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1910 - FATAL CRASH IN TROLLEY LINE MAY END ITS CAREER. Pittsfield Alderman Order Two Branches Closed. Dalton to Oust It? ALL OF 57 INJURED EXPECTED TO LIVE.

Senator Crane Complained to the State Board of Faulty Service Two Weeks Ago.

Pittsfield, Feb. 9. - A whirlwind of public indignation that has already resulted in summary official action and that may sweep the Pittsfield street railway out of existence is the sequel of the accident today in which a big double-trucked electric car of the company ran wild down a steep grade at Dalton and crashed into a railway bridge abutment at the foot, killing one passenger and injuring fifty-seven others.

Two Branches Closed.
Two of the branch lines operated by the company were closed by order of the Pittsfield Board of Aldermen at a special meeting held tonight. In Dalton, a special town meeting called for Feb. 21 will consider a proposition looking toward the ousting of the Pittsfield Street Railway Company from Dalton for poor service and inadequate equipment.
Hit Roosevelt's Coach.

It is not only because of today's accident that public sentiment runs high. The road has figured in a number of accidents in the past and one, when a car operated by the company ran into a coach on which President Roosevelt was riding in Lenox, several years ago, brought it into unenviable national prominence. President Roosevelt was thrown from the coach a distance of twenty feet, but miraculously escaped injury, though the secret service man at his side, William Craig, was instantly killed.

The wreck received official recognization at the hands of the Massachusetts Railroad Commission, Charles W. Bishop being despatched[sic] here at once to make an investigation. Tonight he is in conference with a number of the most prominent manufacturers in Pittsfield and Dalton, the local street railway situation, rather than the wreck itself, being the subject under discussion.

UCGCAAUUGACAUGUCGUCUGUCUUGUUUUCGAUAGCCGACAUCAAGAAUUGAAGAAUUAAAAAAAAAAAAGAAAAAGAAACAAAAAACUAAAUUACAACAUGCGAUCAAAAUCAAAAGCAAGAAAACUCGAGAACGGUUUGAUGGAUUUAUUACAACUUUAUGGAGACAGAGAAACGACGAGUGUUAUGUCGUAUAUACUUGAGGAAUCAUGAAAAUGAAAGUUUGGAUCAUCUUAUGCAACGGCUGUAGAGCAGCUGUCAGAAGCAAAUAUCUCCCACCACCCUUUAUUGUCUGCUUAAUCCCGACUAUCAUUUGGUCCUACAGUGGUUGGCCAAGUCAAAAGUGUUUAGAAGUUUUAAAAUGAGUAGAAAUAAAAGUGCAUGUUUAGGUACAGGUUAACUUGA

Brakes Were Defective?
Of the seventy-five passengers who were in the car when it started its breakneck coast, fifty-seven were injured, all being under treatment in the House of Mercy here. The passenger killed was Miss Bessie Ryan of Hinsdale, 22 years old. Miss Mary Burns, who sat next to the dead girl, had her scalp terribly bruised and crushed.

The accident happened in the town of Dalton, a mile and a half west of Hinsdale center. The rails were slippery with frost and the combined application of the air brakes and hand brakes according to a statement issued by the company this afternoon, failed to check the speed of the car when it started downward after breasting the brow of the steep grade. There is considerable doubt, however, as to whether the brakes were in working condition.

Passengers Try to Jump.
The car left Hinsdale for Dalton and this city at 6:15 A. M. It reached the grade, at the foot of which the wreck occurred a few moments later. Motorman Thomas Murray was in charge of the car and Edward Blake was conductor. The motorman said started down grade the air pressure registered was [illegible]. He threw the air brake, but the car failed to stop. He struggled with the hand brake with no more success.

Blake, alarmed by the increasing speed of the car, ran forward and both men struggled with the hand brake, while the passengers, becoming alarmed, stood up in their seats, trying to force open the windows to jump.